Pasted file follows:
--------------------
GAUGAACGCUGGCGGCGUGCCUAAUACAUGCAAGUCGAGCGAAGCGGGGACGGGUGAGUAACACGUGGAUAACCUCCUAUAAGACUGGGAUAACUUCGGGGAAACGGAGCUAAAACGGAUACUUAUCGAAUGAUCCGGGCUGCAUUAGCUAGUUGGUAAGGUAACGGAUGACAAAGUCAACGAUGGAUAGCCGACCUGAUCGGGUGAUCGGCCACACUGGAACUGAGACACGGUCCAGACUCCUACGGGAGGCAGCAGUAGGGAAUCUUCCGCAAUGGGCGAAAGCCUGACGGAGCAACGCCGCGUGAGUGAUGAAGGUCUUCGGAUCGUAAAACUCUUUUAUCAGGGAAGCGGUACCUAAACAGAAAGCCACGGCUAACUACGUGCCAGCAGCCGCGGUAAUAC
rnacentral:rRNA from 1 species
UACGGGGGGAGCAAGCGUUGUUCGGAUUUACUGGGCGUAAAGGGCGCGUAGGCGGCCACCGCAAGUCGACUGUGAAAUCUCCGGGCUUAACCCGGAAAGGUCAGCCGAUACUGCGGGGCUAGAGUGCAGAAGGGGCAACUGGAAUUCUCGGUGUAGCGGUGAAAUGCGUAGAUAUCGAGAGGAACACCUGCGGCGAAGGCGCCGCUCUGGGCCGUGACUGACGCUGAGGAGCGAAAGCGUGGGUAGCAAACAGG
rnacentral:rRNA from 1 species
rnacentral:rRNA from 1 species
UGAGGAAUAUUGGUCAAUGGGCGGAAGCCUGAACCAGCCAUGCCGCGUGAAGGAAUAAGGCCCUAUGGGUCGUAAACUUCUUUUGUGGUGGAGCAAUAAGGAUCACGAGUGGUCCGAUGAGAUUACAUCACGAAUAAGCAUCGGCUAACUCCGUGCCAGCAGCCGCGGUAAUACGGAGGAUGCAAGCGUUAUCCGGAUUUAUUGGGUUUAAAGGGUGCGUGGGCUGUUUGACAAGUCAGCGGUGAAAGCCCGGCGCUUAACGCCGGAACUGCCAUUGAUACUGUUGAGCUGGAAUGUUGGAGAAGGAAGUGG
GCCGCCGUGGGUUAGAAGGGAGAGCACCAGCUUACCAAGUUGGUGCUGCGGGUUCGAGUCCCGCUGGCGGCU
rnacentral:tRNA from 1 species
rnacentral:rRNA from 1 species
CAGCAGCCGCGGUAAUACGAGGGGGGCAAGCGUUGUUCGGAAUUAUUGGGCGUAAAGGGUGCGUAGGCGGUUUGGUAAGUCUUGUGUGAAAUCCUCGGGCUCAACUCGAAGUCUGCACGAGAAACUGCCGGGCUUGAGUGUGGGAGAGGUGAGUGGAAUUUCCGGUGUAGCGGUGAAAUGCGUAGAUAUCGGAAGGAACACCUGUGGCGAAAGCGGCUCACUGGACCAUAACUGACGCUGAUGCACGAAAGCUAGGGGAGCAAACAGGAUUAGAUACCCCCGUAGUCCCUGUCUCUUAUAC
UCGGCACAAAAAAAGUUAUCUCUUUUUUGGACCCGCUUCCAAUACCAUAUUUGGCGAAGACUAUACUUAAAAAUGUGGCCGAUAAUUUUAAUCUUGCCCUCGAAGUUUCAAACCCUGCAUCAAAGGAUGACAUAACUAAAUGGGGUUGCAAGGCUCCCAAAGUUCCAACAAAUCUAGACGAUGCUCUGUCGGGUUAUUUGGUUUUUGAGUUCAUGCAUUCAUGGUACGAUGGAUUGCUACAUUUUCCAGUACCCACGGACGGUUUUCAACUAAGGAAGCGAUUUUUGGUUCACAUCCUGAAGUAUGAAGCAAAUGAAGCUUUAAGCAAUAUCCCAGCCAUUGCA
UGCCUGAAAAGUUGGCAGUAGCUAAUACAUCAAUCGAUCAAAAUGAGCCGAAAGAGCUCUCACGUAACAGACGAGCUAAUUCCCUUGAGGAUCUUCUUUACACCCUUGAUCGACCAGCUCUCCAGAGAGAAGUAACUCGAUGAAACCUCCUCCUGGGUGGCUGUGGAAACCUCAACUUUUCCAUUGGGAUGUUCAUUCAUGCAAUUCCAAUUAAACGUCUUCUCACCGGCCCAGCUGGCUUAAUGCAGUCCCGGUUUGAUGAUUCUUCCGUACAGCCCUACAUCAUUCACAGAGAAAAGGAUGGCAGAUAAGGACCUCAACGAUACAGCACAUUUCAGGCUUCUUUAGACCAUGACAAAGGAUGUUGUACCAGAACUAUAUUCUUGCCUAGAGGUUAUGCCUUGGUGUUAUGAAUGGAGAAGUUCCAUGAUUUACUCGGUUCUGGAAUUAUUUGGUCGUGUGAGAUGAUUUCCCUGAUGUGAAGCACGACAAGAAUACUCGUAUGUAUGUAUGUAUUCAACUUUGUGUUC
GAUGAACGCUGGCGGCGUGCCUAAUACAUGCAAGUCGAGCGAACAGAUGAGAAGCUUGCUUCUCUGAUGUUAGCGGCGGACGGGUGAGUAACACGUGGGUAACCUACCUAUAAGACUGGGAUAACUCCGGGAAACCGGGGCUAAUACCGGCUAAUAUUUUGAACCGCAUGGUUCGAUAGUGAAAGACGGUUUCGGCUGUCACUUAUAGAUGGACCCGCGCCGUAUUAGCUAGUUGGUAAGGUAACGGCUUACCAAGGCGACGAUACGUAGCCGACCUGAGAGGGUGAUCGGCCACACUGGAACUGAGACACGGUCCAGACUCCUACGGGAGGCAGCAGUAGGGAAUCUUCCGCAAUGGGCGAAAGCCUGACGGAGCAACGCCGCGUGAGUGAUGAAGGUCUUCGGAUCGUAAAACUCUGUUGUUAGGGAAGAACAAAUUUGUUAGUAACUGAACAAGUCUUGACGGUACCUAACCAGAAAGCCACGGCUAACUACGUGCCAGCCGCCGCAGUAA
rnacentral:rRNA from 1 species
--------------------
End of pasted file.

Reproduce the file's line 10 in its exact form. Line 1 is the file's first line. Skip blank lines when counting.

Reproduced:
CAGCAGCCGCGGUAAUACGAGGGGGGCAAGCGUUGUUCGGAAUUAUUGGGCGUAAAGGGUGCGUAGGCGGUUUGGUAAGUCUUGUGUGAAAUCCUCGGGCUCAACUCGAAGUCUGCACGAGAAACUGCCGGGCUUGAGUGUGGGAGAGGUGAGUGGAAUUUCCGGUGUAGCGGUGAAAUGCGUAGAUAUCGGAAGGAACACCUGUGGCGAAAGCGGCUCACUGGACCAUAACUGACGCUGAUGCACGAAAGCUAGGGGAGCAAACAGGAUUAGAUACCCCCGUAGUCCCUGUCUCUUAUAC